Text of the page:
Diving Into The Intersector Toolkit: Define the Intent of the Evaluation

blogimage_EvaluationWe recently updated our Toolkit for Intersector Collaboration to provide even more useful advice to practitioners involved in cross-sector collaborations. We’re profiling each of our 17 tools on our blog, with a focus on resources that can help collaborations succeed.

Before embarking on an evaluation of a cross-sector collaboration’s work, partners must first agree on the purpose of the evaluation. Facilitating agreement on the purpose of an evaluation acknowledges that partners may have differing goals for the evaluative process and allows a cross-sector collaboration to move forward with generating insights that are mutually agreed to be relevant to all partners. For example, some partners may propose an evaluation that assesses collaborative processes (e.g., governance structure, project management system, how indicators of success were chosen) so that others can replicate the collaboration’s efforts; others may propose evaluating outcomes to report success to their constituencies; others may propose evaluating both process and outcomes in order to adjust collaboration strategy (assuming the collaboration is ongoing rather than project-specific). In defining the intent of the evaluation, partners may also want to ask, Do we have internal capacity to conduct the evaluation(s) partners have agreed upon? Or will we enlist a third party to conduct the evaluation(s)?

University of Wisconsin-Cooperative Extension’s “Evaluating Collaboratives: Reaching the Potential” is a comprehensive resource valuable for all stages of assessment processes. Section 3: Evaluation Practice (found on pp. 35-39) provides helpful explanations and templates for considering various questions an evaluation can focus on (including feasibility, process, and outcomes), potential uses of the evaluation (assessing accountability, deciding on resource allocation, or planning work commitments), and audiences for the evaluation (e.g., public officials, community residents, and funders). Also see Sources of Information and Methods of Data Collection (found on p. 43), as well as the example Evaluation Worksheet (found on p. 44) for a template to record what partners want to evaluate and how they will evaluate it.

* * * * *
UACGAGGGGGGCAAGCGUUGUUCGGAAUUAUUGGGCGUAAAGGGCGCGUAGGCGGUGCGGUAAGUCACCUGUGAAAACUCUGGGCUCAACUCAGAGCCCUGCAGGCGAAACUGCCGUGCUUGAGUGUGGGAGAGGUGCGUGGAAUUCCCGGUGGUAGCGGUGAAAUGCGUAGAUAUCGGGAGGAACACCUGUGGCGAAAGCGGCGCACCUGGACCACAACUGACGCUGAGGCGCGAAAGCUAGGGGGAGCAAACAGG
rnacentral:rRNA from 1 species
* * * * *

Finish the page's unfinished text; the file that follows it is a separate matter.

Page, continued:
For step-by-step guidance and activities for developing an evaluation that is more focused on assessing “how” the partnership is doing than on “what” the partnership is doing, see Tool 18: Evaluation in Collaboration Roundtable’s “The Partnership Toolkit” (found on pp. 108-112). This resource provides guidance on identifying the rationale for an evaluation, determining which questions should be answered in an evaluation, and more. It’s recommended to be used by collaborative partners, except in the instance that there are controversial issues to resolve, in which case partners may want to involve an independent evaluator.

See Define the Intent of the Evaluation in our Toolkit for further discussion on this topic, questions to guide tool use, and more.

Explore the full Toolkit and each of the 17 tools with enhanced discussion, questions to guide tool use, and additional resources here.